Moving Pictures/Stopping Places: Hotels and Motels on Film
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Mobility has long been a defining feature of modern societies, yet remarkably little attention has been paid to the various 'stopping places'_hotels, motels, and the like_that this mobility presupposes. If the paradoxical qualities of fixed places dedicated to facilitating movement have been overlooked by a variety of commentators, film-makers have shown remarkable prescience and consistency in engaging with these 'still points' around which the world is made to turn. Hotels and motels play a central role in a multitude of films, ranging across an immensely wide variety of genres, eras, and national cinemas. Whereas previous film theorists have focused on the movement implied by road movies and similar genres, the outstanding contributions to this volume extend the recent engagement with space and place in film studies, providing a series of fascinating explorations of the cultural significance of stopping places, both on screen and off. Ranging from the mythical elegance of the Grand Hotel, through the uncanny spaces of the Bates motel, to Korean 'love motels,' the wealth of insights, from a variety of theoretical perspectives, that this volume delivers is set to change our understanding of the role played by stopping places in an increasingly fluid world.
formation of a popular culture in Weimar Germany. The mobilization of the cinematic hôtel de luxe during the late 1920s and 1930s occurred within an emergent regime of travel, tourism, and transport as popular activity and culture, within commercial and state efforts to represent tourism as ‘national-popular’ practice, and within ways that the international paths/networks of travel, communication, and culture both bolstered and problematized national-popular designs and constructions of the
voyeuristic30 anymore than the one of the man standing at the bar of the Folies-Bergère, but rather far more caught up in the movements of travel and the transports of masquerade. The voyageur at the filmic reception desk is a traveler through space, but he or she is often also someone who passes. Just as the barmaid in Manet’s painting is, in Clark’s words, “detached” by her failure to appear in the mirror (1984: 254), reception-desk sequences in war-decade films have a remarkable way of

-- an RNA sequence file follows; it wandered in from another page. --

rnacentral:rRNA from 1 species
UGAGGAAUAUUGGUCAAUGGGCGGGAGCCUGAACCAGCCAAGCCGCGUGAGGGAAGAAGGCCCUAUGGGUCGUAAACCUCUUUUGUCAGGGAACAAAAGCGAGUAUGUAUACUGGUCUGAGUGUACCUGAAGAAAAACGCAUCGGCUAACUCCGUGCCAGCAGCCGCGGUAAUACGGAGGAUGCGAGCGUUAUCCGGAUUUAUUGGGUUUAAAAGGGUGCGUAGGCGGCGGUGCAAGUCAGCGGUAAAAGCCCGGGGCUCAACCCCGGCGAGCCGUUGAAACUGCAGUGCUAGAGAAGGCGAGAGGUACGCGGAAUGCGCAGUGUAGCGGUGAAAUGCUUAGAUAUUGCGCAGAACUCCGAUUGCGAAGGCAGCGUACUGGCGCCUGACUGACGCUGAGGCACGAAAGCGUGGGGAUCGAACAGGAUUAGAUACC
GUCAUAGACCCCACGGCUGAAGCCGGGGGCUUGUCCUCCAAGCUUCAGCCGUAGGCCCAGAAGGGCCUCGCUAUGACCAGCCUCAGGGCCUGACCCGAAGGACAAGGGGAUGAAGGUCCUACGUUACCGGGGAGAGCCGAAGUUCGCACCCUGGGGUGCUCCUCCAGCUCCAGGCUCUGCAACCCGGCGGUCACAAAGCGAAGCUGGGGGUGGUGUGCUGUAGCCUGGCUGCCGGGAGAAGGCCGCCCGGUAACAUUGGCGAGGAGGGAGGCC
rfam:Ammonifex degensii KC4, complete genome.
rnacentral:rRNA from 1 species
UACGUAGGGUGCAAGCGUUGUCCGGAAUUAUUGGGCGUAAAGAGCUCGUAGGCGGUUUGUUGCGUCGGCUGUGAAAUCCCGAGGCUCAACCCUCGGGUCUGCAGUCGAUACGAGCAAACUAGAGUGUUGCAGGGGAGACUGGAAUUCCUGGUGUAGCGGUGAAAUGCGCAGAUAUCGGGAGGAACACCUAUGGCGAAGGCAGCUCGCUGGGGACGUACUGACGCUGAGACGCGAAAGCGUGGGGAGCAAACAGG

finding proof that his wife conspired to kill him and that, furthermore, his wife’s lover was charged with the task. Things become especially complicated when the hero is charged with killing the boyfriend. As is often the case in film noir, everything about the moral structure of the narrative encourages us to cheer when the murderous boyfriend perishes by his own fault. We cheer again when the naively trusting husband survives to fall in love with a war widow whose service station needs a real
inherited by its survivors. But it is nevertheless peculiarly optimistic about the world that it produces as a replacement: this broken hotel with the USO dance girl and a wheel-chair bound man who offer roots to the hero.68 Their eagerness to have the veteran “regard [them] as [his] family” seems not only too convenient but immensely trusting. It is as if none of them has ever seen a film noir. At the film’s end, as at its beginning, they seem not to have a clue what can happen when you take up
Sturges, 1941) To Be or Not To Be (Ernst Lubitsch, 1942) This Gun for Hire (Frank Tuttle, 1942) Shadow of a Doubt (Alfred Hitchcock, 1943) *Journey Into Fear (Norman Foster with Orson Welles, 1943) *Five Graves to Cairo (Billy Wilder, 1943) *Since You Went Away (John Cromwell, 1944) Arsenic and Old Lace (Frank Capra, 1944) To Have and Have Not (Howard Hawks, 1944) I’ll Be Seeing You (William Dieterle, 1944) *Without Love (Harold S. Bucquet, 1945) *Weekend at the Waldorf (Robert Leonard, 1945)